We follow the ‘I do, you do, we do’ pattern. I will talk about a subject and then I will show an example of that topic and then I will have the students do a mini test on that topic, then they will go create it. The other instructors and mentors walk around and check on them. When everyone’s done, we do it all together to reiterate what it was we just did.
We usually split the day up into two separate parts where one part is a very structured lecture time and the other part is a very hands-on lab project time.
Cool. So they’re working on assigned projects?
Over the course, the students will create several different projects and 100 mini example projects. By the end, they will have created basically one large application which will be their final capstone project. That way when they graduate, they have something to put on their portfolios; the live application with the domain hosted.
Do they work on that capstone project as a team or do they do that on their own?
They do it in small teams. When you work for a company, you’re going to be part of a team. So one of the big things we focus on is that everyone knows how to properly work on a team. We keep the teams small, though. That way each one of the students has a chance to cover a large portion of the application.
In addition to the student collaboration and teamwork which is huge for being ready for a job, how else do you incorporate that job readiness in the curriculum?
We actually do several mock interviews throughout the whole course. Each one of the interviews is designed to basically teach and test the students on different interview practices. We will do question-based interviews, we do whiteboard–based interviews. We even do an interview where we bring in potential employers. We’ve had a couple that have been actual interviews and had students hired from the interview.
We even do interviews where we intentionally sweat the students to make them nervous and make them jittery because when you get into one of these interviews, you get really nervous. We want to get all the nerves out now and then we’ll tell you how you can combat those nerves.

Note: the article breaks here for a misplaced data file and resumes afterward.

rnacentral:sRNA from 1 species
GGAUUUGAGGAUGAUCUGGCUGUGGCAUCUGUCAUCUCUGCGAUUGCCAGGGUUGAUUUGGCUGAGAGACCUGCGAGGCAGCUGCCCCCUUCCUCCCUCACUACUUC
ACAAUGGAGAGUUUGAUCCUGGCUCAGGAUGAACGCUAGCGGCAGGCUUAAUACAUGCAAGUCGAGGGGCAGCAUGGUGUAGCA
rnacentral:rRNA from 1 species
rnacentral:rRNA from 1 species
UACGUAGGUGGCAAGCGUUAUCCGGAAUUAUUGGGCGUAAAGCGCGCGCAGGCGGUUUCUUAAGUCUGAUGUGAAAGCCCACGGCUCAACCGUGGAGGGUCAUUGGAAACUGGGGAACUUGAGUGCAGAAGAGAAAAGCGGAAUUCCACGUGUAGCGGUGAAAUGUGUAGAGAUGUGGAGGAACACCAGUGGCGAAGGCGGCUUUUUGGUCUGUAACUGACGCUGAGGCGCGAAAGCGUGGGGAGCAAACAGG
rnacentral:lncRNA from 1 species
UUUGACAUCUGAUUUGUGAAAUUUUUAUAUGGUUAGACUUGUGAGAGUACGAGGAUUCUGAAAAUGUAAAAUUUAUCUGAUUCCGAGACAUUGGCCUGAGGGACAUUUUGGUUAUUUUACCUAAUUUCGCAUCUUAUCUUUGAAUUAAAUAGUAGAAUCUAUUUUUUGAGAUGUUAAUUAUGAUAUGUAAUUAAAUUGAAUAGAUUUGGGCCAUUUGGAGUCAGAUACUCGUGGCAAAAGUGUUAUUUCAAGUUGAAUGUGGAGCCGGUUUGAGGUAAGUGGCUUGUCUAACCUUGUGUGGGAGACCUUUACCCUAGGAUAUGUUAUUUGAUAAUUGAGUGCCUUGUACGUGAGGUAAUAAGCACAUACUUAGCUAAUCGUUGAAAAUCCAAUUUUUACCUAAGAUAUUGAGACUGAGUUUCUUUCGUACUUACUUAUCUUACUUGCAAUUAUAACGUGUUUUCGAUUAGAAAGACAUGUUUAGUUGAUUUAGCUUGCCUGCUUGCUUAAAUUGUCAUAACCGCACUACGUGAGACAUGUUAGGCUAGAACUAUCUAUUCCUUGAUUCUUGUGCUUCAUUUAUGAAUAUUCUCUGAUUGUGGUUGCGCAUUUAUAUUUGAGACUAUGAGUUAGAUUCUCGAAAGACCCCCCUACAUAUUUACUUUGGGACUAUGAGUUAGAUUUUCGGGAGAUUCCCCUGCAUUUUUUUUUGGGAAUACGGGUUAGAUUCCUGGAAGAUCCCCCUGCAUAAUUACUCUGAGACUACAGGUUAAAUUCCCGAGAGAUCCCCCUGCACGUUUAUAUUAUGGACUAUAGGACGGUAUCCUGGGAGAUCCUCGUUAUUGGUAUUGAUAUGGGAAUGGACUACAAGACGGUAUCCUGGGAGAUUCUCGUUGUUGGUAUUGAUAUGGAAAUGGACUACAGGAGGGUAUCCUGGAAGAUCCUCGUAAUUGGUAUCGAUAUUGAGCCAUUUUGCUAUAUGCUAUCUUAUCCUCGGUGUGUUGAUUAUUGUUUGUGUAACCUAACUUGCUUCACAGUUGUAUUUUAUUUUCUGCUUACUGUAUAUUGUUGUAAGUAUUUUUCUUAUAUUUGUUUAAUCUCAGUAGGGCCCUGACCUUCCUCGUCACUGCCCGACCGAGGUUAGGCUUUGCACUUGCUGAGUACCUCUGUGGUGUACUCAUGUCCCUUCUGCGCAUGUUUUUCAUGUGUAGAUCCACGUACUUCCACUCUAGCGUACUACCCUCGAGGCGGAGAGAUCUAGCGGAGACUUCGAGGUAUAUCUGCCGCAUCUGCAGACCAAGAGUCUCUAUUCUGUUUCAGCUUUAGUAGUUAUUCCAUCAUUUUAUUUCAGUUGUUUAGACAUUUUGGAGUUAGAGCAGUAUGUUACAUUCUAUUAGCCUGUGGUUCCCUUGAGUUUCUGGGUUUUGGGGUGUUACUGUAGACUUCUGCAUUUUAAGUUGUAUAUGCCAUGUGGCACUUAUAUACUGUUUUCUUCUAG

In addition we do a lot with Github in class and mimic what it’s like to work at a company. One example is we work on projects as a class and students will make pull requests then submit their code. The best code will get submitted to the master branch.
How has job placement gone so far?
We have a 85 – 90% hiring rate. On top of the fact that we partner with a lot of companies and have our hiring partners come in for our Launch Day. The hiring partners get a chance to talk one on one with the students.
But when a student signs up for DevPoint labs, they don’t end their relationship with DevPoint Labs at the end of a class. We have students who went from cohorts months and months ago, one of the earliest ones; if they lose the job that they had got, we still work to try and get them more work. We have a little community where if someone gets some side work or something like that, we’re always constantly passing that along.
Once you’ve signed up with DevPont Labs, you’ve basically joined the family and anytime you need work, we will do anything we can to try and get you work. Even if someone doesn’t get hired right away, they eventually will get something.
Do most graduates stay in Salt Lake City and work for companies in Utah?
Yeah. All of the Salt Lake cohort stayed within the Salt Lake area. The whole area is basically a lot of smaller towns that are right next. For the Vegas cohort, I noticed a lot of those students dispersed to L.A and Salt Lake.
Is Ruby the most popular language in Vegas and Salt Lake City?
In the Salt Lake area it’s definitely used quite a bit and it’s used way more than it is in the Vegas area. In the Vegas area, Ruby isn’t really used a whole lot. In our class, we’re not necessarily teaching people how to be Ruby developers. We just want to teach them how to be web developers.
Our students might not get jobs as Ruby developers when they graduate. They might get a job as a PHP developer. The syntax changes but that’s about it.
Can you tell us about the Code and Ski Promotion and how it fits in with DevPoint Lab’s goals?
Because it’s the holiday season, we decided to extend the length of the class and incorporate longer breaks for the students. Some of the students will travel from as far as Virginia and New York to come just specifically for this class. They’re away from their family and they’re on the other side of the country, so we want to be able to give them things to do.
We got a discount through one of the ski lodges resorts in Utah, and we’ll shuttle the students up to the ski lodge and they can hit the slopes on weekends.
Will you be instructing for the iOS class or will another instructor take that class?
I probably would not do the IOS course although I do know some Objective C. My position is going to start migrating toward a director level, ensuring that the instructors we do have are qualified to teach the material and that the material stays up to date and we don’t have instructors teaching an old version of Objective C.
I know there’s some talk about possibly making certifications for bootcamps. If anything like that comes up, I want to make sure that we’re adhering to those standards. Anything that emerges that helps ease the transition for our students to get into new jobs we’re all about that.